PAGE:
certainly had a nice home, and they would like to have
quarters there for a while. So grandma had guests for a


G: I see. It must have been right after that time that they
came to Tallahassee.

D: Yes, it must have been.

G: Now, you have spoken of your grandfather as a forty-niner.

D: Yes.

G: When he left Germany--and by the way, the name of the town
in Prussia was Wreschen--was it due to certain repressive
measures of the government?

D: No, I do not think so.

G: The forty-niners came after certain revolutions had failed.
They did not talk about this?

D: No, I never heard of that.

G: Your father was distantly related to your [maternal]

D: My grandmother was a cousin.

G: A distant cousin?

D: No, she was not a distant cousin. She was a first cousin.

G: A first cousin?

D: Of my grandmother, and my father and my mother were second
cousins, not first cousins. You can marry second cousins in
the Jewish religion, but not first cousins. Generally,
people are cuckoo when their parents were first cousins.

G: Now, when they came to Tallahassee, did they have regular
religious services?

D: No, they never had religious services regularly. They only
had services for the holidays.

G: Did they bring a rabbi to conduct them?

D: No, they conducted them themselves.

G: Were they traditional? Were they reform?

D: They were more orthodox, I would say.

G: You would say they were orthodox. When there was that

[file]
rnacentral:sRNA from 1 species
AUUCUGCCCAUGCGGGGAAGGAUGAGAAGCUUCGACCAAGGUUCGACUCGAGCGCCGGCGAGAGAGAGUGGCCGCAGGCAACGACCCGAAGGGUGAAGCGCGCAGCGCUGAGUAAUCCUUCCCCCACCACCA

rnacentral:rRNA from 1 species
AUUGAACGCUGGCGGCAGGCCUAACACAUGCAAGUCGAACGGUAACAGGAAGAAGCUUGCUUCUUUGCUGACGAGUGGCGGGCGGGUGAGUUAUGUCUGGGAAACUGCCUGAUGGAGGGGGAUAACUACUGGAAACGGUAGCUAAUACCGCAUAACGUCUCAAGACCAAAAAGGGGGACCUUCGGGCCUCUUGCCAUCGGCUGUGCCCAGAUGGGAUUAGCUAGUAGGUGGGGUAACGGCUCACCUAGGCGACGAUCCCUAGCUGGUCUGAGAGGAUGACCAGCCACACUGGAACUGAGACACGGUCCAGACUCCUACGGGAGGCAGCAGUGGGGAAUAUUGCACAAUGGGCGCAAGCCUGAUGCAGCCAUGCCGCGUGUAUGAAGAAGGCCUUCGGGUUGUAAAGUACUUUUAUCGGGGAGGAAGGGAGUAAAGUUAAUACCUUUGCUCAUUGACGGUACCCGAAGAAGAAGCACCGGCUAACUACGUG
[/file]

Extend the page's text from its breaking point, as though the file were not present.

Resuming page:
wedding in your family in 1877, they did bring in a reform
rabbi. But perhaps he was the only one available.


D: I know they broke a glass.

G: How do you know that?

D: I remember it at my aunt's wedding, Mena Hirschberg's. They
had the chuppah [canopy under which the bride and groom
stand in a Jewish wedding ceremony].

G: Chuppa. Right. Do you remember the rabbi's name and where
did he come from? [Note that we now have the wedding

D: I do not remember.

G: Where were these weddings held usually?

D: This one was held in the parlor of my home.

G: So many of the happy events were right at home.

D: In the homes, all of them. But, of course, there used to be
Galley's Hall, and they would have the year of festivities
there, the receptions there.

G: Where was that?

D: That was at the corner of Adams and that street where
Putnam's jewelry store is. What street is that? Is that

G: Probably Jefferson. That hall is still there. Perhaps [a
goal of] the improvement group for downtown Tallahassee is
to refurbish that hall and make it useful once again.

D: Is that so? The Levys owned that.

G: I see. Now, there is a long article about a masquerade ball
that was held on Puram in 1878, and most of the families
represented there are relatives of yours. The feasting took
place until the wee hours of the morning.

D: It was held there.

G: It was held, it says, at Cuttner's Hall.

D: Cuttner's. Well, that was right next to the Elinore Shop.
They lived upstairs. They had a great big living room, and
they lived in the back part. I remember that. They lived
in the back part of the store, and the front part was a
great big room.

G: Was that Cuttner's Hall?

D: It must have been Cuttner's Hall, because they were the only